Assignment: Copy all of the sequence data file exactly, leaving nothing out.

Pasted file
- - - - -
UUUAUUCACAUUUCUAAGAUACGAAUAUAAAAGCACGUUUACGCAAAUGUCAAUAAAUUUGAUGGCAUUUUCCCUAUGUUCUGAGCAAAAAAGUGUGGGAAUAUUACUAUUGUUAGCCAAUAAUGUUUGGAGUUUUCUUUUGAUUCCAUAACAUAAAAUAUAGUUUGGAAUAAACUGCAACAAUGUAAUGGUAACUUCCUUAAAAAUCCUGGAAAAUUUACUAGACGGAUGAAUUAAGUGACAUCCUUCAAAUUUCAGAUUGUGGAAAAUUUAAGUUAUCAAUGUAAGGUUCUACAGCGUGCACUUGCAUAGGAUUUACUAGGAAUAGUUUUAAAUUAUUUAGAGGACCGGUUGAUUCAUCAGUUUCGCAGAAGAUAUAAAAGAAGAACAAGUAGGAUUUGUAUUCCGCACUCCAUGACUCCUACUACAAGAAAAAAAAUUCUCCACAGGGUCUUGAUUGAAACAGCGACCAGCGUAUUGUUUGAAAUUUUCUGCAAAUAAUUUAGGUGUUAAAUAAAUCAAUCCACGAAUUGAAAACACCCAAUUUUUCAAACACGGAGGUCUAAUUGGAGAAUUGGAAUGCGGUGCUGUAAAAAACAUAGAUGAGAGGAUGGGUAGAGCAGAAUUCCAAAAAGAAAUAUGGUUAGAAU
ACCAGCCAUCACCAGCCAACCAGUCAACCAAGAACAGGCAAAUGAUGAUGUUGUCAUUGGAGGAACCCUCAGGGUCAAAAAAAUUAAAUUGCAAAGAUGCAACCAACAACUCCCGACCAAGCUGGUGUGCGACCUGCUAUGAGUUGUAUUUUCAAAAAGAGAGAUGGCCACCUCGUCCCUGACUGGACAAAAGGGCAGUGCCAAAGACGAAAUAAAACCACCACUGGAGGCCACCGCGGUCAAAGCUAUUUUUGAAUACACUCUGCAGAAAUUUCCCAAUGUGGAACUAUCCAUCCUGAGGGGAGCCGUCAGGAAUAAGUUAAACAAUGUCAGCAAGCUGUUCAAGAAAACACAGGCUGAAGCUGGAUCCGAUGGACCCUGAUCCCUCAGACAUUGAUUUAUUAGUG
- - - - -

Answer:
UUUAUUCACAUUUCUAAGAUACGAAUAUAAAAGCACGUUUACGCAAAUGUCAAUAAAUUUGAUGGCAUUUUCCCUAUGUUCUGAGCAAAAAAGUGUGGGAAUAUUACUAUUGUUAGCCAAUAAUGUUUGGAGUUUUCUUUUGAUUCCAUAACAUAAAAUAUAGUUUGGAAUAAACUGCAACAAUGUAAUGGUAACUUCCUUAAAAAUCCUGGAAAAUUUACUAGACGGAUGAAUUAAGUGACAUCCUUCAAAUUUCAGAUUGUGGAAAAUUUAAGUUAUCAAUGUAAGGUUCUACAGCGUGCACUUGCAUAGGAUUUACUAGGAAUAGUUUUAAAUUAUUUAGAGGACCGGUUGAUUCAUCAGUUUCGCAGAAGAUAUAAAAGAAGAACAAGUAGGAUUUGUAUUCCGCACUCCAUGACUCCUACUACAAGAAAAAAAAUUCUCCACAGGGUCUUGAUUGAAACAGCGACCAGCGUAUUGUUUGAAAUUUUCUGCAAAUAAUUUAGGUGUUAAAUAAAUCAAUCCACGAAUUGAAAACACCCAAUUUUUCAAACACGGAGGUCUAAUUGGAGAAUUGGAAUGCGGUGCUGUAAAAAACAUAGAUGAGAGGAUGGGUAGAGCAGAAUUCCAAAAAGAAAUAUGGUUAGAAU
ACCAGCCAUCACCAGCCAACCAGUCAACCAAGAACAGGCAAAUGAUGAUGUUGUCAUUGGAGGAACCCUCAGGGUCAAAAAAAUUAAAUUGCAAAGAUGCAACCAACAACUCCCGACCAAGCUGGUGUGCGACCUGCUAUGAGUUGUAUUUUCAAAAAGAGAGAUGGCCACCUCGUCCCUGACUGGACAAAAGGGCAGUGCCAAAGACGAAAUAAAACCACCACUGGAGGCCACCGCGGUCAAAGCUAUUUUUGAAUACACUCUGCAGAAAUUUCCCAAUGUGGAACUAUCCAUCCUGAGGGGAGCCGUCAGGAAUAAGUUAAACAAUGUCAGCAAGCUGUUCAAGAAAACACAGGCUGAAGCUGGAUCCGAUGGACCCUGAUCCCUCAGACAUUGAUUUAUUAGUG